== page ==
Oh, the Places You’ll Go

By Kyra Hudson, Staff Writer

I hate moving, confining myself to some suitcases and boxes, my mark left on all of these different places, having to take all of myself and move somewhere else. I like the security of having a permanent place to stay, torn because I love my family and my friends.

For the past three years, I have taken almost all of my belongings, shoved them into two suitcases and two boxes, along with my pillow and mattress topper and hauled them into the car with my dad to make the five-hour venture from Chicago to Cincinnati. Each year I seem to not have enough space for the things I want to bring, along with the reality that the boxes I fill are always heavier than I remember. The act of taking all of my clothes, accessories and room decorations out of my childhood bedroom each year, the small details of my life that define my personality, and seeing them confined to these two suitcases and boxes is an awful, overwhelming feeling that I never knew I would experience when moving to college. 

Granted, I am a relatively sentimental person who often attaches meaning to most of the items that I own. However, the way that moving away to college has been promoted is the emphasis of the simultaneous feelings of excitement and bittersweet nostalgia. There are the unavoidable feelings of homesickness when incoming students leave their home, a place where they have potentially lived in for many years, nurtured by loving family and friends. Then, enter the new-found independence that a student receives as they begin their adventure through college. With no parental control and the ability to eat cereal and pizza whenever you want, intended to be a perfect scenario for any 18-year-old. Though new beginnings can be exciting, the unforeseen challenges that students face while starting the process of moving to college can supersede the idyllic expectations that universities tend to advertise.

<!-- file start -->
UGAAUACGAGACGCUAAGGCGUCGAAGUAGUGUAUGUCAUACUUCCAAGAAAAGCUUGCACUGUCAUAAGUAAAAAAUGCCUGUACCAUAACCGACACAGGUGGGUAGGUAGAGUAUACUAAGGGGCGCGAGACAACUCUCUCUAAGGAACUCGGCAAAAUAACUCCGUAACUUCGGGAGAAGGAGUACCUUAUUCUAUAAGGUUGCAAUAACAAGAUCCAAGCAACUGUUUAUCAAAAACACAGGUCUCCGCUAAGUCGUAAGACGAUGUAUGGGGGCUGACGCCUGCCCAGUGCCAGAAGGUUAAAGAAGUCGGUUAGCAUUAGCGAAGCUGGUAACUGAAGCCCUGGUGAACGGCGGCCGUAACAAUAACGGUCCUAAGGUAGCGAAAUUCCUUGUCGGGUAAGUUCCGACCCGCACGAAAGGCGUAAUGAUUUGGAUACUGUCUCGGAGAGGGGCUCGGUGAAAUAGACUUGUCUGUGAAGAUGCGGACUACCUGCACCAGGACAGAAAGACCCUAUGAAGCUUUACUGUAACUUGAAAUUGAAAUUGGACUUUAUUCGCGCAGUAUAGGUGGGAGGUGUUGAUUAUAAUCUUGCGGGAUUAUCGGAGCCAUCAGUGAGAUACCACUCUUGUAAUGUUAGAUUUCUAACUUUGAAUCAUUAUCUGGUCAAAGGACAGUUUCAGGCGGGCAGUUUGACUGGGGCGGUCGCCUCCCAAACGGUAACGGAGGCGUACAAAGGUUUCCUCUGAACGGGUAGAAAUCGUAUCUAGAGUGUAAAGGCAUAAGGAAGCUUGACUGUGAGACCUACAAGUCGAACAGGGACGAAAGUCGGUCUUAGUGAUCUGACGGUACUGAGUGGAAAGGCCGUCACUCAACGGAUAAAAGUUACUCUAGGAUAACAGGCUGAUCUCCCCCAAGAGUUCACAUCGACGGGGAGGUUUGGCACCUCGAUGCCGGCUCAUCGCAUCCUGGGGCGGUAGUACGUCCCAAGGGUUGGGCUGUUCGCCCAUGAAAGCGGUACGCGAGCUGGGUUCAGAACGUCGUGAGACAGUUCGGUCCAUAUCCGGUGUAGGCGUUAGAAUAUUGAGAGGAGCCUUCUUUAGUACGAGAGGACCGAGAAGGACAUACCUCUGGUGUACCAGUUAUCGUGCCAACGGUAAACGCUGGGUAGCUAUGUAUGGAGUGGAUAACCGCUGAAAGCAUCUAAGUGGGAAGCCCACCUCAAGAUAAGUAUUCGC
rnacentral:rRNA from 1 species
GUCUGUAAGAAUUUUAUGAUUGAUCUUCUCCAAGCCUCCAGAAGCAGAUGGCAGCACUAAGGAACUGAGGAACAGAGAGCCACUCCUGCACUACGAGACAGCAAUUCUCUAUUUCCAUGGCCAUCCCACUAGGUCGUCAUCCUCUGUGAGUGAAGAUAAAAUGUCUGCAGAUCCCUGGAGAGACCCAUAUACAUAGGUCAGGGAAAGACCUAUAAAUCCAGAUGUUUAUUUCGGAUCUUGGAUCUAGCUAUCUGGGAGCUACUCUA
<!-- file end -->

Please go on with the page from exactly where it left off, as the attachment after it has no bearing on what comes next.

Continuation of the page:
The challenge of moving to and from college that many other students and I have endured throughout these past few years is the first hurdle. Recognizing that you are moving all of the items that you have deemed to have importance in your life out of the place where they have sat, potentially for years. You have grown and different versions of yourself have developed from the journey of life, love, and loss and along the way have allowed for these items to accumulate a level of meaning, as something gains value through experiences. However, an unforeseen factor that is not mentioned in any college pamphlet discussing the process of moving is the sudden realization that you are taking these things out of the place that gives them meaning and into a dusty suitcase to travel hundreds of miles to then be put in a blank dorm with no initial value. 

Amidst these challenges, colleges should include more events and suggestions for students that experience this initial feeling of homesickness. The simple recognition that many students feel this overwhelming anxiety when packing up for school each year could contribute to making the transition into each school year easier. There should be an emphasis on the redirection of focus from where the students are coming from, to where are going with their future and the opportunities they will be able to participate in and build new memories and meaning.